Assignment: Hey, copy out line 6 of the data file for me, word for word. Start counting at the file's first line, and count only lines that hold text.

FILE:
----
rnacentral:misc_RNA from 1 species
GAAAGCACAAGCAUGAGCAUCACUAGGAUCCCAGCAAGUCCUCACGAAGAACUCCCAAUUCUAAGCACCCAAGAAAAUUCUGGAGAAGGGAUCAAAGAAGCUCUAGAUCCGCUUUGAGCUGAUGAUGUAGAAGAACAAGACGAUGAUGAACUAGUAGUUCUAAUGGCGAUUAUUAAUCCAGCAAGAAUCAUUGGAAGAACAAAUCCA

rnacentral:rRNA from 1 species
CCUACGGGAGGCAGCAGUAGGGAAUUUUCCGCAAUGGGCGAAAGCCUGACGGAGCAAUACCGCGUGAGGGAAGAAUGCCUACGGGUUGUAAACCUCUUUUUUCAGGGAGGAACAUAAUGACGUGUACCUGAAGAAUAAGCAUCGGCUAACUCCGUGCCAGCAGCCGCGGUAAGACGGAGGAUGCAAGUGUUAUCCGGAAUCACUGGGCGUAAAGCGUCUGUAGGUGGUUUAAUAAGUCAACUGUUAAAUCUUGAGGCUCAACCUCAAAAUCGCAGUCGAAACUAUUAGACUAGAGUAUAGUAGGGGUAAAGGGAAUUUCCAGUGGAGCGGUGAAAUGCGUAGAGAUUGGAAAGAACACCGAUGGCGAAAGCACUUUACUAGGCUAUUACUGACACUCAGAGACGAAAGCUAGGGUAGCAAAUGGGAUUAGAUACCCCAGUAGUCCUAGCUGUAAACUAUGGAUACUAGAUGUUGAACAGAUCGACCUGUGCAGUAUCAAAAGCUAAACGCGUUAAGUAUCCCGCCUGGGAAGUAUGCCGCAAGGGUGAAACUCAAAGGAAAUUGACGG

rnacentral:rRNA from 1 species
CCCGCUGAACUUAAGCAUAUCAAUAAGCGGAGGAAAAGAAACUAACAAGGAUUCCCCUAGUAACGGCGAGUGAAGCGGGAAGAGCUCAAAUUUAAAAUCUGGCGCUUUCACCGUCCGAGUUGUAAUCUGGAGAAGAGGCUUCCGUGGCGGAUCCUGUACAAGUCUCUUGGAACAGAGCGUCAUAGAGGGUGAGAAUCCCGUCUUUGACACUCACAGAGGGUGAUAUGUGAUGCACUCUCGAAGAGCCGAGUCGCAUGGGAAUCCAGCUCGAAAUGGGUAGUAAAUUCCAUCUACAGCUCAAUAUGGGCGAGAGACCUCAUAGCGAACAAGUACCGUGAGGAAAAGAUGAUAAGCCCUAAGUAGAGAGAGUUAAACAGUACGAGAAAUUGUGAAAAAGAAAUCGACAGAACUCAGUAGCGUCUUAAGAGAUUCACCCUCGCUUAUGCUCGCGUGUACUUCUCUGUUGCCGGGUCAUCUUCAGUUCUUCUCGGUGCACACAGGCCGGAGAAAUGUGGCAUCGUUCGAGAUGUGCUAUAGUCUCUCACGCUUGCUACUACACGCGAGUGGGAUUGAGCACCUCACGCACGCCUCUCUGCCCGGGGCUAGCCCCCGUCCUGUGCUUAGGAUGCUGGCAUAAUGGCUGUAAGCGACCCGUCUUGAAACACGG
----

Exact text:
CCCGCUGAACUUAAGCAUAUCAAUAAGCGGAGGAAAAGAAACUAACAAGGAUUCCCCUAGUAACGGCGAGUGAAGCGGGAAGAGCUCAAAUUUAAAAUCUGGCGCUUUCACCGUCCGAGUUGUAAUCUGGAGAAGAGGCUUCCGUGGCGGAUCCUGUACAAGUCUCUUGGAACAGAGCGUCAUAGAGGGUGAGAAUCCCGUCUUUGACACUCACAGAGGGUGAUAUGUGAUGCACUCUCGAAGAGCCGAGUCGCAUGGGAAUCCAGCUCGAAAUGGGUAGUAAAUUCCAUCUACAGCUCAAUAUGGGCGAGAGACCUCAUAGCGAACAAGUACCGUGAGGAAAAGAUGAUAAGCCCUAAGUAGAGAGAGUUAAACAGUACGAGAAAUUGUGAAAAAGAAAUCGACAGAACUCAGUAGCGUCUUAAGAGAUUCACCCUCGCUUAUGCUCGCGUGUACUUCUCUGUUGCCGGGUCAUCUUCAGUUCUUCUCGGUGCACACAGGCCGGAGAAAUGUGGCAUCGUUCGAGAUGUGCUAUAGUCUCUCACGCUUGCUACUACACGCGAGUGGGAUUGAGCACCUCACGCACGCCUCUCUGCCCGGGGCUAGCCCCCGUCCUGUGCUUAGGAUGCUGGCAUAAUGGCUGUAAGCGACCCGUCUUGAAACACGG